December 14, 2009

Apparently endings are hard.

I wrote an actual professional review of the book, and I was just going to cross-post it, but then I’m like, wait, that’s stupid. If I post the full text here, then I can’t put it up elsewhere. Therefore, you get the very casual review version. Lucky you.

I had to read a book of short stories for my short story class. The press constantly gets review copies of books, so I always just assumed I’d grab one from the review shelf and use that. Susan tends to use the reviews for class in Big Muddy anyway. So, a few weeks ago, I grabbed a copy of the first short story collection on the shelf that seemed halfway interesting, and was soon in possession of a copy of Fugue State by Brian Evenson.

First off, I highly recommend clicking on that link up there, or these next links, and it seems like my favorite story from the collection, “Younger,” is available online in audio and text forms. It might give you some idea of what I’m talking about.

“Younger” really sums up what I did like about this book, and I did like it. It’s filled with psychological horror, the sort that isn’t connected with monsters or anything supernatural, but is just powered by characters having internal conflicts that make things creepy. I’m not a horror person, but this kind of character struggle is something I love in stories, and Evenson does a fantastic job of it, when he puts his mind to it. The majority of the stories play out in a form similar to “Younger.” I don’t feel they’re as successful, but, you know, they’re still fairly entertaining and, if nothing else, are based on a very entertaining idea.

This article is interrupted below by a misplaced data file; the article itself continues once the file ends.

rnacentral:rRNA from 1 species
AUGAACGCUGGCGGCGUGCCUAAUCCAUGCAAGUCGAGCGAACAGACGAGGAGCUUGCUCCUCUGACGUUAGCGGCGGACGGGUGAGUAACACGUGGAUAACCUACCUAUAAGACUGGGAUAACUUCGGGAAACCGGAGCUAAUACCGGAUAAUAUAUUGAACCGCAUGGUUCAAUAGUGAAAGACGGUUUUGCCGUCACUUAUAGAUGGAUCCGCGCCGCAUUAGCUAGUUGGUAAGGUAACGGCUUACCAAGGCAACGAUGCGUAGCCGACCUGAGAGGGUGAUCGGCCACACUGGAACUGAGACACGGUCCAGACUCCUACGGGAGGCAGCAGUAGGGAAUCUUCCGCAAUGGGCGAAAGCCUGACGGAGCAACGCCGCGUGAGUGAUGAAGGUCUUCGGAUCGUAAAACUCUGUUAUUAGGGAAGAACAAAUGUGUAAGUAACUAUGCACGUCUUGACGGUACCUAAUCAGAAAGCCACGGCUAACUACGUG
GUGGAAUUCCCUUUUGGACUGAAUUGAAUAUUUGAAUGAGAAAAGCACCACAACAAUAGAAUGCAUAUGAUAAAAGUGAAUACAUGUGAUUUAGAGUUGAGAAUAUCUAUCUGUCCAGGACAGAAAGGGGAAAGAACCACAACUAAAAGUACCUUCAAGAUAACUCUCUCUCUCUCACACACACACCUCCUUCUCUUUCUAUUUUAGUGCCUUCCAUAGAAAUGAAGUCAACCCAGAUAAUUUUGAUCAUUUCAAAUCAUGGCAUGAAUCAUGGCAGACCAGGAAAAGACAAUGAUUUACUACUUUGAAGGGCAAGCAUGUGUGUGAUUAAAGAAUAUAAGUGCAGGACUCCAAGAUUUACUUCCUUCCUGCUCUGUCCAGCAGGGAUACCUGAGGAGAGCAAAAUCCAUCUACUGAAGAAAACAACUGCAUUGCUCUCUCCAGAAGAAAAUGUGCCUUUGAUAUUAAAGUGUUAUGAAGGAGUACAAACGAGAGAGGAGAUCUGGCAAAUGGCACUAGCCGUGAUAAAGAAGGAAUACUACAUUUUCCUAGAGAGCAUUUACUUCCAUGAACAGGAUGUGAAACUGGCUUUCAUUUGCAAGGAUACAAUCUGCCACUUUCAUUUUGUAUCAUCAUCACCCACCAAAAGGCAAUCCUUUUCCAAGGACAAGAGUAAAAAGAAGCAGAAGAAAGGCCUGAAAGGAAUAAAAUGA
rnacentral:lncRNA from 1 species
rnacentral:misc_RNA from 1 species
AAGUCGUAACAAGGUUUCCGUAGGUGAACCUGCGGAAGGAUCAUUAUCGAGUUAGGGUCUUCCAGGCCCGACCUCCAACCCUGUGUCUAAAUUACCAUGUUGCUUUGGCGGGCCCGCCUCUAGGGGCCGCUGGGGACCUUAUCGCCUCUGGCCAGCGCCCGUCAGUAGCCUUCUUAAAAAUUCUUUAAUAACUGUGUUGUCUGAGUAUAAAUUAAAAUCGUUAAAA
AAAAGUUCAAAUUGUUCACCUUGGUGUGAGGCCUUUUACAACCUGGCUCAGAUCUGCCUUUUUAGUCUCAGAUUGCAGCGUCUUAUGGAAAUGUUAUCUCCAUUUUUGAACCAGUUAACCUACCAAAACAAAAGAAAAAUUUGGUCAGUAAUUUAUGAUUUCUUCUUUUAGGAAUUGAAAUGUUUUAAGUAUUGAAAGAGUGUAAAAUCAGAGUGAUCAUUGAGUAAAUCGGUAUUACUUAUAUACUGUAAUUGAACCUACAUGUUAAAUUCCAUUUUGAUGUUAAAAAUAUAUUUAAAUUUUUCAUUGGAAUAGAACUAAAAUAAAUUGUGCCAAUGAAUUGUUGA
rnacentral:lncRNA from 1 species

The rest of the stories are split between a dark humor and what I would call more standard horror fare. You have stories that are just humorous in the tale of a editor who wants to publish literary work but ends up publishing trashy mystery novels with names like “Never Been Bjorn” about a detective who’s a swede, because that’s the hook. You have stories about a woman fucking a mime because “it would be a good story to tell at parties” who is haunted by the act ever since. These are just really clearly meant to be humorous. Then you have stories like the title story, “Fugue State,” which work with a supernatural threat. Still, even the supernatural stories are very character-driven, which is good. At least in my opinion.

The main issue I had with the book is that many of the stories have endings that fall completely flat. I know endings are hard. Endings are very hard. But it’s just a shame when you get a published work with so many failed endings in it. So many stories have such great premises, but once that premise has run its course, the story just stops, without any sort of satisfying conclusion. The previously-mentioned “Invisible Box” is probably the worst offender in that regard, being so entertaining, funny, and slightly creepy all the way up to the ending, which just seems completely phoned in.

Still, as I said, I certainly enjoyed the book overall. There were some very good stories in there. At least read “Younger” for me, hm? If you like that, and think you’d like a little more, even if it isn’t quite up to that quality, then Fugue State is almost certainly a book for you to check out. It’s pretty solid stuff.

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